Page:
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As Fianna Fáil weathers its week from hell, two former ministers are planning comebacks

Martin Mansergh and John Curran, please step forward.

TODAY SHOULD HAVE been a day of celebration for Fianna Fáil – and it was, to a degree.

Bobby Aylward returned to the Dáil following his success in the Carlow-Kilkenny by-election at the weekend.

However, his moment in the sun was somewhat overshadowed – to put it mildly.

Just as Fianna Fáil was coming to terms with Senator Averil Power’s shock resignation, Ken Curtin – a prominent Yes Equality campaigner – stepped down.

Curtin was also the party’s public relations officer for Cork East, and secretary of the Cobh cumann.

During an interview with Newstalk, Power claimed she was asked to vacate her office in Leinster House to make way for Aylward.

Earlier, Timmy Dooley admitted Power’s departure made the parliamentary party look ‘male, stale and outside The Pale’.

Not everyone is jumping ship, though. Former junior minister and advisor to three taoisigh Martin Mansergh is hoping to make a comeback.

Screenshot 2015-05-26 at 2.37.29 PM Micheál Martin and Martin Mansergh at the 2013 Fianna Fáil Ard Fheis

Mansergh is one of the candidates putting his name forward to be chosen at the Fianna Fáil selection convention for the new five-seat Tipperary constituency in Thurles on Thursday night.

Meanwhile, as we suggested in January, former government chief whip John Curran is putting his name forward for selection in Dublin Mid-West where a convention is taking place tomorrow night.

Curran is up against local councillor Trevor Gilligan and local Fianna Fáil member Catriona McClean.

The contest is seen as a straight battle between Curran and Gilligan for the nomination.

screenshot.1432661566.99777 Curran told us in January he was thinking about a comeback Source: www.thejournal.ie

Mansergh told TheJournal.ie the suggestion he stand came from “party supporters and activists in my area of the constituency – west Tipperary”.

Given the events of the last 24 hours, irrespective of how I fare, I’m glad to be making a stand that Fianna Fáil is a party worth standing for.

Mansergh, who served under Charlie Haughey, Albert Reynolds and Bertie Ahern, joined in the chorus of Fianna Fáil members who said Power’s criticism of party leader Micheál Martin was unfair.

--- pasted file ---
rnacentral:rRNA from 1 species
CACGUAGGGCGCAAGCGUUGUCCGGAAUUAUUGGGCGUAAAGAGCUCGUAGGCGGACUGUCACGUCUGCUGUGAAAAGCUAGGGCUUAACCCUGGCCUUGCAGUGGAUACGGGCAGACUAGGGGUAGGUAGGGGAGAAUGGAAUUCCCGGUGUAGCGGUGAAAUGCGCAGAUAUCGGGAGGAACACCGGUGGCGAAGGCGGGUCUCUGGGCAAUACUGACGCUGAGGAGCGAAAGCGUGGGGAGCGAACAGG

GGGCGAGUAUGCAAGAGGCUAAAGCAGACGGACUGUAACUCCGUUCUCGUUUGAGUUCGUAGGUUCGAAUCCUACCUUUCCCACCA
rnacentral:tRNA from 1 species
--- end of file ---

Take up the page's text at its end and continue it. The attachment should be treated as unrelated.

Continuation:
He was elected to the Dáil in Tipperary South in 2007, but lost his seat in 2011. During his term, he served as junior minister for the Office of Public Works and also the Arts. He was previously a Senator.

In terms of Power saying the party wasn’t fully committed to campaigning for the marriage referendum, he said:

On issues like that where a party takes a stance there will inevitably be members of the party that have a different view. It seems to me the issue is she wanted Micheál Martin, in an old-fashioned way, to sort of impose the leadership view and kick out anyone that didn’t agree with it.

Micheál Martin is actually a genuine liberal and doesn’t actually believe in the kind of draconian authoritarianism that is a feature of some parties even to this day.

Screenshot 2015-05-26 at 2.39.35 PM Martin Mansergh

Mansergh said he “strongly” supports Martin.

He noted that the party’s priority in Carlow-Kilkenny was winning the by-election, but said “the referendum seemed to be going okay anyway”.

Mansergh didn’t want to say how he voted in the referendum as it is “a private matter”.

He said he outlined the pros and cons of same-sex marriage in his Irish Catholic column and noted that “even though it was a strong [Yes] result … 38% [who voted no] is still quite a lot of people.”

Mansergh has previously written that the referendum was “a dry run for a sequel, the repeal of the eighth (pro-life) amendment, if politicians need no longer fear religious factors weighing on voters”.

He said his view had been proven after Labour recently said a referendum on repealing the controversial amendment should be held.

Mansergh said he was “delighted” the same-sex marriage issue was brought in by way of a public vote, rather than being decided by the courts or the Dáil.

Speaking on Today with Keelin Shanley earlier, Curtin said liberal voices like his and Power’s were being ignored in Fianna Fáil.

Screenshot 2015-05-26 at 2.42.01 PM Averil Power

Mansergh said there is a need for “space in parties for different views”, adding: “I would hate to see liberalism turn into a new authoritarianism.”

I have worked for three taoisigh – not even they are always privately in agreement with 100% of party policies.

In terms of Power and Curtin leaving the party, Mansergh said: “These things happen in all parties – there have been resignations from Fine Gael, Labour and so on.”

“Averil Power was an important and prominent part of party, but the party will carry on.”

Mansergh said Fianna Fáil  is returning to mainstream politics, and that’s why he wants to be involved.

He thinks the electorate will be faced with two choices at the next general election, stating: “The alternative to a Fine Gael-led coalition, is a Fianna Fáil-led coalition.”

Tipperary South and Tipperary North are being amalgamated to make a new constituency that has no sitting Fianna Fáil TD.

According to Tipp FM, six candidates are set to contest the Fianna Fail selection convention. Alongside Mansergh, will be councillors Michael Smith, John Carroll, Jackie Cahill, Imelda Goldsboro and Siobhan Ambrose.

- Hugh O’Connell contributed reporting 

Disaster for Fianna Fáil as prominent Yes Equality campaigner quits

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Órla Ryan

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